WO1997005255A2 - Helper viruses for preparing recombinant viral vectors - Google Patents

Helper viruses for preparing recombinant viral vectors Download PDF

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Publication number
WO1997005255A2
WO1997005255A2 PCT/FR1996/001200 FR9601200W WO9705255A2 WO 1997005255 A2 WO1997005255 A2 WO 1997005255A2 FR 9601200 W FR9601200 W FR 9601200W WO 9705255 A2 WO9705255 A2 WO 9705255A2
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helper virus
according
vector
recombinase
viral
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PCT/FR1996/001200
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French (fr)
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WO1997005255A3 (en
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Monika Lusky
Majid Mehtali
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Transgene S.A.
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Priority to FR9509289A priority Critical patent/FR2737501B1/en
Priority to FR95/09289 priority
Application filed by Transgene S.A. filed Critical Transgene S.A.
Publication of WO1997005255A2 publication Critical patent/WO1997005255A2/en
Publication of WO1997005255A3 publication Critical patent/WO1997005255A3/en

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    • C12NMICROORGANISMS OR ENZYMES; COMPOSITIONS THEREOF; PROPAGATING, PRESERVING, OR MAINTAINING MICROORGANISMS; MUTATION OR GENETIC ENGINEERING; CULTURE MEDIA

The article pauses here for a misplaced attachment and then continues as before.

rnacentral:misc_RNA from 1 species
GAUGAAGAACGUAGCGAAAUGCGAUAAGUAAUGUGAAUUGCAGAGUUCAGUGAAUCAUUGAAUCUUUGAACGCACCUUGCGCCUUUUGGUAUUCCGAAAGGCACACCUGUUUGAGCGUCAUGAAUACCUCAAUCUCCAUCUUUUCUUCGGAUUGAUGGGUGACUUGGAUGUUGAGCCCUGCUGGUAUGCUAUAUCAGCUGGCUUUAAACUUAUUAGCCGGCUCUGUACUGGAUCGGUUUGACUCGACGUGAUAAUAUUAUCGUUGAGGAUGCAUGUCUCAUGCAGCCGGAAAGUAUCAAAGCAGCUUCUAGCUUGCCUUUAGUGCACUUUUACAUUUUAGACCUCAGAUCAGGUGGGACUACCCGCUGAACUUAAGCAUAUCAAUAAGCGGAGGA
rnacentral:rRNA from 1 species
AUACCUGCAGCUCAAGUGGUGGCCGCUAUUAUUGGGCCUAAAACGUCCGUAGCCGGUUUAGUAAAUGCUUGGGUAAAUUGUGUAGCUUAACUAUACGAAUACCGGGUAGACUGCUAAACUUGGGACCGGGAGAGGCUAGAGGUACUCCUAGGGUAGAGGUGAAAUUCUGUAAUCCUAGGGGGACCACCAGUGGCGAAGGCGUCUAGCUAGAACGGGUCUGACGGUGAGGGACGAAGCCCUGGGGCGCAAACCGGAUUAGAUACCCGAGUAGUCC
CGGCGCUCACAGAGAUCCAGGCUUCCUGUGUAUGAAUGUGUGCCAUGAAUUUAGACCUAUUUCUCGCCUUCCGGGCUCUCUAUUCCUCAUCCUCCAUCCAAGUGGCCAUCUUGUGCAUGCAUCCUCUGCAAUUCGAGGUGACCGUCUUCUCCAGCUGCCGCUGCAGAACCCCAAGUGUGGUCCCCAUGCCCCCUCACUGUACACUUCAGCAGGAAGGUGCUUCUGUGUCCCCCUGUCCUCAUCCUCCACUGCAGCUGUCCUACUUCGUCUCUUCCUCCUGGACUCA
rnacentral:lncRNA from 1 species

• C12N7/00Viruses; Bacteriophages; Compositions thereof; Preparation or purification thereof
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    • C12BIOCHEMISTRY; BEER; SPIRITS; WINE; VINEGAR; MICROBIOLOGY; ENZYMOLOGY; MUTATION OR GENETIC ENGINEERING
    • C12NMICROORGANISMS OR ENZYMES; COMPOSITIONS THEREOF; PROPAGATING, PRESERVING, OR MAINTAINING MICROORGANISMS; MUTATION OR GENETIC ENGINEERING; CULTURE MEDIA
    • C12N15/00Mutation or genetic engineering; DNA or RNA concerning genetic engineering, vectors, e.g. plasmids, or their isolation, preparation or purification; Use of hosts therefor
    • C12N15/09Recombinant DNA-technology
    • C12N15/63Introduction of foreign genetic material using vectors; Vectors; Use of hosts therefor; Regulation of expression
    • C12N15/79Vectors or expression systems specially adapted for eukaryotic hosts
    • C12N15/85Vectors or expression systems specially adapted for eukaryotic hosts for animal cells
    • C12N15/86Viral vectors
    • CCHEMISTRY; METALLURGY
    • C12BIOCHEMISTRY; BEER; SPIRITS; WINE; VINEGAR; MICROBIOLOGY; ENZYMOLOGY; MUTATION OR GENETIC ENGINEERING
    • C12NMICROORGANISMS OR ENZYMES; COMPOSITIONS THEREOF; PROPAGATING, PRESERVING, OR MAINTAINING MICROORGANISMS; MUTATION OR GENETIC ENGINEERING; CULTURE MEDIA
    • C12N2710/00MICROORGANISMS OR ENZYMES; COMPOSITIONS THEREOF; PROPAGATING, PRESERVING, OR MAINTAINING MICROORGANISMS; MUTATION OR GENETIC ENGINEERING; CULTURE MEDIA dsDNA Viruses
    • C12N2710/00011MICROORGANISMS OR ENZYMES; COMPOSITIONS THEREOF; PROPAGATING, PRESERVING, OR MAINTAINING MICROORGANISMS; MUTATION OR GENETIC ENGINEERING; CULTURE MEDIA dsDNA Viruses dsDNA Viruses